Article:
Abstract

Oil field exploration in extreme areas represents additional requirements to drilling fluid performance and hydraulic models for well control. In general, there is little knowledge about the drilling fluid properties at high pressure, high temperature (HPHT) conditions, and kick models are based on extrapolation of fluid properties from moderate pressures and temperatures. In order to verify the validity of extrapolation to downhole HPHT conditions, increased knowledge about the rheology of drilling fluids under these conditions is required. In this work we have experimentally determined the effect of gas absorption on saturation pressure, density and viscosity at temperatures up to 200°C and 1000 bar. Results have been used to validate computational predictions.

We have developed an experimental setup for studying the effects of natural gas dissolved in petroleum fluids under conditions appropriate for drilling operations. The equipment comprises a sample cylinder in which drilling fluid and gas initially can be mixed at exact mass fractions, and the saturation pressure can be determined at the desired temperature. The gas loaded drilling fluid is transferred to a rheometer with a 1000 bar pressure cell and to a high pressure densitometer for viscosity and density measurements, respectively. Density predictions based on well-known models using commercial software have been compared with the experimentally determined fluid densities.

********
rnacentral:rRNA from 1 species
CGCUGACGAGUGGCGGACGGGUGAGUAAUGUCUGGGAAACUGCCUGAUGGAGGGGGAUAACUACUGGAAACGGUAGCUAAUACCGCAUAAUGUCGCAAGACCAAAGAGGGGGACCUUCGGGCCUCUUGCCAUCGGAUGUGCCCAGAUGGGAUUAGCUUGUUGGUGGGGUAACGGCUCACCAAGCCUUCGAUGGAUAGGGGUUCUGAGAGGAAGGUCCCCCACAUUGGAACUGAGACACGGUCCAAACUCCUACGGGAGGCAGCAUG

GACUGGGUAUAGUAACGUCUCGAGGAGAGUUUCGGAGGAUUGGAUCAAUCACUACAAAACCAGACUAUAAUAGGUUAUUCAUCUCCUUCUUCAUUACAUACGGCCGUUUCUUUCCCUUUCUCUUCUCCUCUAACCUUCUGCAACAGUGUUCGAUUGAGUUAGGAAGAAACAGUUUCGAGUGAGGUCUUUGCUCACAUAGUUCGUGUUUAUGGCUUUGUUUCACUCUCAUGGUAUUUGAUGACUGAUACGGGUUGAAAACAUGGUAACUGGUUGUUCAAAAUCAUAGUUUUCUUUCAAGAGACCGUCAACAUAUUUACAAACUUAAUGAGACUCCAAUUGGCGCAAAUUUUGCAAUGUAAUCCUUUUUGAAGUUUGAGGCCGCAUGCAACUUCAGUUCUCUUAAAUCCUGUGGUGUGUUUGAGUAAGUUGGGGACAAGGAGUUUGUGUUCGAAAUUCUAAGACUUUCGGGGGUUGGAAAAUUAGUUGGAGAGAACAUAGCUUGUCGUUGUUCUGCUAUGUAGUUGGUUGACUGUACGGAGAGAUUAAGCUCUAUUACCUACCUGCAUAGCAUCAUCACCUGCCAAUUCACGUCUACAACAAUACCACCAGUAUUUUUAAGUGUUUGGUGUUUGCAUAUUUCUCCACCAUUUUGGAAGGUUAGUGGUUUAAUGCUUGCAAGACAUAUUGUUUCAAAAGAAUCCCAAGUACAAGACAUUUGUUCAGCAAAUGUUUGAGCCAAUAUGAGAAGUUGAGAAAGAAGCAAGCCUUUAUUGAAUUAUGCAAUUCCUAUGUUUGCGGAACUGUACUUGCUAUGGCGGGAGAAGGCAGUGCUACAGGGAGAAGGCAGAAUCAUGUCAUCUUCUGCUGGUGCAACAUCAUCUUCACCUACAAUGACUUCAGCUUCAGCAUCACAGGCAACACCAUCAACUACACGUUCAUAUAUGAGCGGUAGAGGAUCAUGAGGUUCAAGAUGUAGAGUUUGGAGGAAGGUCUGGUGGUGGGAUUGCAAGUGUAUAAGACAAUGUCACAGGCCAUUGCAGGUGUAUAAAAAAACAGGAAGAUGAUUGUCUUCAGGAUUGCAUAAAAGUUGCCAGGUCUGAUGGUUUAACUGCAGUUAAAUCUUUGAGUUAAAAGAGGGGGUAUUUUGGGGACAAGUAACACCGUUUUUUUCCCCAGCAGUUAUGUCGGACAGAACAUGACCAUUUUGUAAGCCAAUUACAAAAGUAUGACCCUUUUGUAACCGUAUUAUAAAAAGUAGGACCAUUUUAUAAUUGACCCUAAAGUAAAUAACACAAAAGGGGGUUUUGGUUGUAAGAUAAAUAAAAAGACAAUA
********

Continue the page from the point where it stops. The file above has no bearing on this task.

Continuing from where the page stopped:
In this study we provide accurate measurements of methane solubility in two oil-based drilling fluids (OBDF), which both have the same composition except for the type of base oil. One is based on a refined normal mineral oil and the other is based on a linear paraffin. For various CH4/OBDF combinations, density and viscosity are measured at pressures and temperatures ranging from standard conditions to HPHT. The two OBDFs reveal similar flow behaviour, but the one based on a linear paraffin oil has a stronger gel structure and a stronger shear-thinning effect. This fluid is also able to absorb more gas at lower pressure than the fluid with a normal mineral oil. It is shown that the experimental results form an important basis for tuning the software model to fit thermodynamic properties of gas loaded drilling fluid at HPHT conditions.

Well operation safety is the main concern at any oil field. Efficient and safe well operations depend on proper knowledge about the behaviour of gas influx in petroleum fluids and the impact of relevant temperature and pressure changes in the well. A major weakness in current models of kick detection is the lack of experimentally verified data for fluid properties at HPHT conditions. Drilling fluids are commonly analysed according to international standards, describing atmospheric conditions and only a few selected temperatures. The data from this study will be analysed and used to validate extrapolations used in computational models. Improved understanding of the two phase gas-drilling fluid flow in the well allows better prediction of gas absorption and improved operational safety.

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